Posted on 22 February 2012.
MARC D. BEAUMONT, Appellant,
Case No. 5D10-3471.District Court of Appeal of Florida, Fifth District.Opinion filed February 17, 2012.
Marc D. Beaumont, Port Orange, pro se.
BANK OF NEW YORK MELLON, etc., Appellee.
Todd A. Armbruster of Moskowitz, Mandell, Salim & Simowitz, P.A., Fort Lauderdale, for Appellee.
Marc D. Beaumont appeals a final summary judgment entered by the trial court on a claim to foreclose a residential mortgage and recover on a promissory note executed in connection with the mortgage. We reverse.
The final summary judgment in this case was entered in favor of Novastar Home Mortgage, Inc. (“Novastar”), a nonparty to the suit because of its prior withdrawal from the case. It is fundamental error to enter judgment in favor of a nonparty. Beseau v. Bhalani, 904 So. 2d 641 (Fla. 5th DCA 2005); Rustom v. Sparling, 685 So. 2d 90 (Fla. 4th DCA 1997). The defect, which is jurisdictional, can be raised by this Court sua sponte. Dep’t of Envtl. Prot. v. Garcia, 36 Fla. L. Weekly D1664b (Fla. 3d DCA Aug. 3, 2011).
The judgment would also have to be reversed even if entered in favor of appellee, The Bank of New York Mellon, as Successor Trustee Under Novastar Mortgage Funding Trust 2005-3 (“Mellon”). Mellon sought in the complaint to reestablish the note and recover on it. See § 673.3091, Fla. Stat. (2010). This required Mellon to show it was entitled to enforce the note when it lost the instrument, or that it directly or indirectly acquired ownership from a person who was entitled to enforce the instrument when loss of possession occurred. § 673.3091(1), Fla. Stat. Mellon failed to prove who lost the note and when it was lost, offered no proof of anyone’s right to enforce the note when it was lost, and produced no evidence of ownership, due to the transfer from Novastar to Mellon. See Duke v. HSBC Mortg. Servs., LLC, 36 Fla. L. Weekly D2569a (Fla. 4th DCA Nov. 23, 2011). The trial court was also required to address the issue of providing adequate protection to Beaumont against loss that might occur by reason of a claim by another person to enforce the instrument. § 673.3091(2), Fla. Stat. If Mellon has, in fact, found the note, it must produce it prior to judgment. Gee v. U.S. Bank Nat’l Ass’n, 72 So. 3d 211, 212 (Fla. 5th DCA 2011); Perry v. Fairbanks Capital Corp., 888 So. 2d 725, 726 (Fla. 5th DCA 2004); see also Feltus v. U.S. Bank Nat’l Ass’n, 37 Fla. L. Weekly D253a (Fla. 2d DCA Jan. 27, 2012).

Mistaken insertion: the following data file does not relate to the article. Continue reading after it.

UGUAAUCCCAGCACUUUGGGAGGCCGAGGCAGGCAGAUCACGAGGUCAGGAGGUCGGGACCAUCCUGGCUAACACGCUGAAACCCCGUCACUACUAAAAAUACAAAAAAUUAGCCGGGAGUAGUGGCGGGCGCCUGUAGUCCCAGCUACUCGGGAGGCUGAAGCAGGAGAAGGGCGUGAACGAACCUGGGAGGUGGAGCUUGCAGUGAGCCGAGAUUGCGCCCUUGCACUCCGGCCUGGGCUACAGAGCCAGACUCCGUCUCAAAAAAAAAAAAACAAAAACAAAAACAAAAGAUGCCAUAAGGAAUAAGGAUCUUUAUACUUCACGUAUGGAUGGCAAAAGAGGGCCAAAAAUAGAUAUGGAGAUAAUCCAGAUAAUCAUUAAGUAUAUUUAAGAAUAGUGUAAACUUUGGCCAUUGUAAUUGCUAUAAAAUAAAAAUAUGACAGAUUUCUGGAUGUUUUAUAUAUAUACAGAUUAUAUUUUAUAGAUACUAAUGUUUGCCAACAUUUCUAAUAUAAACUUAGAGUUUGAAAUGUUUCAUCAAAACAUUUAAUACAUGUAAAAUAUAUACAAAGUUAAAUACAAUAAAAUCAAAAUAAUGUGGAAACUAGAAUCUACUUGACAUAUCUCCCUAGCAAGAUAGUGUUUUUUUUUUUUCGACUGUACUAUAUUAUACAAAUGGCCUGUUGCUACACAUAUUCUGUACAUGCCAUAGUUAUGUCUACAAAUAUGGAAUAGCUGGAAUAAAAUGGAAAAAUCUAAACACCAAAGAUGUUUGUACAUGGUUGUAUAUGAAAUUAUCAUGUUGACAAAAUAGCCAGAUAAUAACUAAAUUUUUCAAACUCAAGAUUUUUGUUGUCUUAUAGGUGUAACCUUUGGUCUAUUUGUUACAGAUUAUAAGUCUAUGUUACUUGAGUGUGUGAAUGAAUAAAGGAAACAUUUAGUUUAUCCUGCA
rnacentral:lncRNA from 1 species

Mellon also argues that Beaumont has waived the lack of “standing” to enforce the note because of the failure to assert this as an affirmative defense. Generally, the failure to raise standing as an affirmative defense operates as a waiver. Kissman v. Panizzi, 891 So. 2d 1147, 1150 (Fla. 4th DCA 2005) (holding lack of standing is an affirmative defense that must be raised by defendant and failure to raise it generally results in waiver). Standing involves the right to enforce the note and must exist when suit is filed. See, e.g., McLean v. JP Morgan Chase Bank Nat’l Ass’n, 36 Fla. L. Weekly D2728a (Fla. 4th DCA Dec. 14, 2011); Taylor v. Deutsche Bank Nat’l Trust Co., 44 So. 3d 618 (Fla. 5th DCA 2010). There is no evidence showing that Beaumont was on notice prior to the time his answer was filed that ownership of the note had been transferred from Novastar to Mellon. In fact, the claimed transfer, alleged to have occurred on the day suit was filed, was either concealed by Novastar for more than three years while it continued to pursue the action, or Novastar backdated the assignment it finally produced on July 23, 2010, as justification for substituting Mellon as plaintiff. Under these circumstances, Beaumont may raise lack of standing when suit was filed as a defense. See Boston Hides & Furs, Ltd. v. Sumitomo Bank, Ltd., 870 F. Supp. 1153, 1161 n.6 (D. Mass. 1994) (holding banks were not precluded from raising affirmative defense of fraud for first time on summary judgment in action alleging wrongful dishonor of letter of credit, where banks did not discover information suggesting fraud until almost one year of discovery). Furthermore, Mellon must prove its right to enforce the note as of the time the summary judgment is entered, even if Beaumont had waived the right to challenge the bank’s standing as of the date suit was filed. Venture Holdings & Acquis. Group, LLC v. A.I.M. Funding Group, LLC, 75 So. 3d 773 (Fla. 4th DCA 2011). Its failure to do so would require this Court to reverse the summary judgment entered on the note and mortgage, even if judgment had been entered in favor of Mellon.
TORPY, PALMER and COHEN, JJ., concur.
 A negotiable instrument is enforceable by: (1) the holder of the instrument, (2) a nonholder in possession who has the rights of a holder, or (3) a person not in possession of the instrument who is entitled to reestablish a lost, destroyed or stolen instrument pursuant to section 673.3091, or who has paid or accepted a draft by mistake as described in section 673.4181. § 673.3011, Fla. Stat.
 The record contains a copy of an assignment of the note from Novastar to Mellon, but the document was never offered into “evidence,” by being attached to an affidavit for purposes of authentification. As such, it is not competent evidence of the assignment and cannot be considered in ruling on Mellon’s motion. See, e.g., Morrison v. U.S. Bank, N.A., 66 So. 3d 387, 387 (Fla. 5th DCA 2011) (reversing summary judgment of foreclosure where defendant asserted she had not received a notice of default as required by mortgage, and bank had simply filed an unauthenticated notice letter).
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